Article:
Unfortunately, currently available computer logging systems have the disadvantage of being unable to record telephone communication sessions, whether conversations or messages, for voice communication being performed through a LAN (local area network) or a WAN (wide area network). Although these logging systems can play back voice messages to a remote user through a LAN, for example, they cannot record such a message if it is transmitted by a LAN-based telephone. Such LAN and WAN based telephone communication has become more popular recently, since it enables telephone communication to be performed between various parties at physically separated sites without paying for local regular telephony network services, thereby saving money.
Furthermore, LAN and WAN based telephone communication also facilitates the transmission of video as well as audio information. Video information certainly cannot be recorded by currently available computer logging systems. Thus, the inability of computer logging systems to record telephone communication sessions for telephone communication being performed through a LAN or a WAN, including both video and audio data, is a significant disadvantage of these systems.
There is therefore a need for, and it would be highly advantageous to have, a system and a method for recording telephone communication sessions performed over a computer network such as a LAN or a WAN, which would record both audio and video information, organize such information, and then display such information upon request.
It is one object of the present invention to provide a system and a method for recording communication sessions performed over a computer network.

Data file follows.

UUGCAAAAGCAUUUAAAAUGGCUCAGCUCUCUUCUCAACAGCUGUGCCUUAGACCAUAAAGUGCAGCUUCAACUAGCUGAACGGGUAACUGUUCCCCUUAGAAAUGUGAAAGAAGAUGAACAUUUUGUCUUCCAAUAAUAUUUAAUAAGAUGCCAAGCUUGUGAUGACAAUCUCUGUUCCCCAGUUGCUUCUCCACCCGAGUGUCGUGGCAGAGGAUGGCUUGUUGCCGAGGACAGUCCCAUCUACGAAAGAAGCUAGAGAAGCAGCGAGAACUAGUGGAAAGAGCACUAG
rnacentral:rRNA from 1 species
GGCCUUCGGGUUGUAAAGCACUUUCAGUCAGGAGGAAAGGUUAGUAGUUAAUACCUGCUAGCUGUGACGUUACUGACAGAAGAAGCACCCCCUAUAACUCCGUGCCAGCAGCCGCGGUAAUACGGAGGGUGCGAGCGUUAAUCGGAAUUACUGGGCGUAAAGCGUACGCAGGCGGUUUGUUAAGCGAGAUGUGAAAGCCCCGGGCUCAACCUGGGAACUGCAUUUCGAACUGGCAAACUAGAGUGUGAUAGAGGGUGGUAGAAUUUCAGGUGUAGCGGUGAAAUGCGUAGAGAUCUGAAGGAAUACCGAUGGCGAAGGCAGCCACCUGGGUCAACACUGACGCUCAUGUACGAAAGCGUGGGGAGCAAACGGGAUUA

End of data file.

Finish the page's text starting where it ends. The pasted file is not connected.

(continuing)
It is another object of the present invention to provide such a system and method for analyzing data transmitted over the computer network in order to detect audio and video data for recording.
It is still another object of the present invention to provide such a system and method for displaying recorded video and audio data upon request.
It is yet another object of the present invention to provide such a system and method for analyzing, recording and displaying communication sessions conducted with a LAN-based telephone system.
These and other objects of the present invention are explained in further detail with regard to the drawings, description and claims provided below.
The present invention provides a system and a method for analyzing data packets on a computer network, for selectively recording audio and video data packets, for organizing this stored information and for displaying the stored information upon request, such that communication sessions with computer network-based “telephone” systems can be logged.